In the early 1990’s, in the prehistoric era when MTV actually maintained pretensions of being a music video channel, Mike Judge unleashed upon an unprepared populace the soon to be cultural phenomenon, Beavis and Butt-Head. Mike Judge’s iconic teenagers, with the combined wits of a sack of bricks, sat on their couch, viciously lampooned cheesy metal music videos of the day, desperately tried to “score”, set things on fire, and contributed absolutely nothing to society. The animation of the series was/is as low-budget as you can imagine, and the jokes are about as complex as you’d expect from two barely functional and nearly illiterate burn-outs. Yet, Beavis and Butt-head was (and remains) the great intellectual equalizer, because whether your IQ is 160 or something closer to the show’s heroes, there is something so intentionally dumb, crass, and tongue-in-cheek about this series that you literally can’t help but love it. My familiarity with the franchise was mostly limited to the under-rated movie, and after some requests from friends to review the new series for the show, I decided to break my rule about not reviewing half-hour comedies on an episode by episode basis and am now going to review the premiere of the first new episode of Beavis and Butt-head in nearly 15 years, and it was definitely worth the wait.

I’m treading new ground in terms of content again as this is now my first American cartoon I’ve reviewed. It’s also the first show to have to two distinct episodes inside of its half-hour of content. The first episode was “Werewolves of Highland” and the second “Crying.” For purposes of episode numbering, each half hour block of the show is 1 episode and I’m going to be using the very first episode of each block for my review’s title line. In “Werewolves of Highland”, Beavis and Butt-head go to the movies and watch Eclipse from The Twilight Saga. Deciding that the best way to score is to be turned into creatures of the night, the boys allow a homeless man to bite them in the hopes it will turn them into werewolves (and not just give them every transmissible disease on the disease planet instead). In the second story, “Crying,” Beavis starts to cry (from an onion) during The Bachelor and Butt-head rides him mercilessly for being a wuss. As in the classic series, the action of each episode is broken up with the boys riffing over music videos and TV, and this time MGMT, LMFAO, Jersey Shore, and True Life face the biting wit and hilarious barbs of our heroes.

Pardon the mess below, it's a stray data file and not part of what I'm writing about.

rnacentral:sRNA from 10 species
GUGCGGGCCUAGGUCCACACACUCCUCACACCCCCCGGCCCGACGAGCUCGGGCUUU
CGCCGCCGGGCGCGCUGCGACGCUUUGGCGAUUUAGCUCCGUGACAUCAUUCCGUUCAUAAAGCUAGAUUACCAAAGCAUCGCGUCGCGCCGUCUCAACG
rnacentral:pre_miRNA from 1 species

I’ve watched these two episodes twice now, and I think I laughed even harder the second time than I did the first. The show is stupid that it borders on being wicked smart. It takes an almost ridiculous intelligence to make something this dumb so god damn funny. When they’re making fun of the MTV reality show True Life, there’s a good two minutes where all Beavis and Butt-head say is the word porn over and over again, but it’s one of the funniest moments of the whole episode. When they skewer Jersey Shore and the dumb-asses that populate its universe, you have to respect Mike Judge’s balls for attacking his network’s flagship property. The parody of “JWoww” that they do is especially hilarious. Really, there’s just something about these two. They’re hardly functional human beings in any sense, but when they’re ripping something, there’s this ferocious wit from Mike Judge that makes the show so much smarter than it wants you think it is. Even the simplest gags, like the throw-away gag that ends “Crying” is so elegant in how simply its executed against how hilarious it truly is. Beavis and Butt-head has mastered the art of comedic economy.

If you’ve never seen the original show but have been curious all these years about what all of the buzz was towards this cult class, now is the best time to jump right into the series. The general consensus around the blogosphere that the new series premiere was just as funny as you remembered it from the old days (except now, you can actually get the jokes since you’re part of the culture the show skewers). Whether you like the comedic stylings of Woody Allen and Frasier or you think Family Guy is the height modern comedy (since I consider Family Guy to be one of the dumber programs on TV), there will be something in Beavis and Butt-head for you. Every part of me wants to hate this show because of how gleefully and willfully stupid it is, but it is that same inherent idiocy that makes it so stealthily intelligent. Really, you just need to go ahead and give this one a go. I don’t think you’ll be disappointed.

Final Score: B+